HONOLULU (HawaiiNewsNow) – The state Department of Health declined more than half of its federal allocation of the Pfizer vaccine this week as demand for the shot continues to decline.
Health officials say Neighbor Island hospitals will not receive doses at all. That’s because they struggle to get rid of what they already have.
“When it comes to our adult population, demand has decreased,” said Hilton Raethel, director of the Healthcare Association of Hawaii.
He said hospitals – and their vaccination clinics – mainly use the Pfizer vaccine. The last time the state accepted its total weekly allocation of just over 44,000 doses was over two weeks ago.
Records show that Oahu received about 36,000 doses of the Pfizer vaccine on May 16, while the neighboring islands received just over 8,000.
Since then, the numbers have taken a nosedive.
This week the state rejects more than 60% of its total allotment. Oahu only asked for 16,000 cans. The neighboring islands have not placed any orders at all.
“For two weeks in a row, this week and next, none of the neighboring islands ordered the Pfizer trays,” said Raethel. “Now a few more Moderna are being distributed on the neighboring islands, but these are relatively small amounts.”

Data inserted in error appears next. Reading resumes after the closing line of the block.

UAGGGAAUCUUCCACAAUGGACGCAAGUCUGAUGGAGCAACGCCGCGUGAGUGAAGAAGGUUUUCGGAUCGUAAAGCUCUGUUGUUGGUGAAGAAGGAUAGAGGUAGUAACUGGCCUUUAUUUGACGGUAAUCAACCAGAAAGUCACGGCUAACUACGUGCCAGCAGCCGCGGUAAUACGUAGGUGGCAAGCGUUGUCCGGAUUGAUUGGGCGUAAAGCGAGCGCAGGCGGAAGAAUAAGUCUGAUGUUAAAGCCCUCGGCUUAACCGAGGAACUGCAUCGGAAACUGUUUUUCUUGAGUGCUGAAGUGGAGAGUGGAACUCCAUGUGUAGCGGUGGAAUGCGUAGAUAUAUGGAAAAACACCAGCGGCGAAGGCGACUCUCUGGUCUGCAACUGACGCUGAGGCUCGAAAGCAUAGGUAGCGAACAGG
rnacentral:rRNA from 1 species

US Department of Health spokesman Brooks Baehr said the focus now and in the coming weeks is on “generating more demand.”
As part of this, the country plans to launch an incentive program to boost vaccinations. The state is expected to reveal the details on Friday, but will likely include gifts from dealers and airline miles.
“Beyond the incentives, we really want to generate interest by sharing good credible scientific information about how safe these vaccines really are,” said Baehr.
There are also plans to expand access.
DOH officials say 185 vaccination events are planned this month. That’s in addition to the more than 200 locations that already exist.
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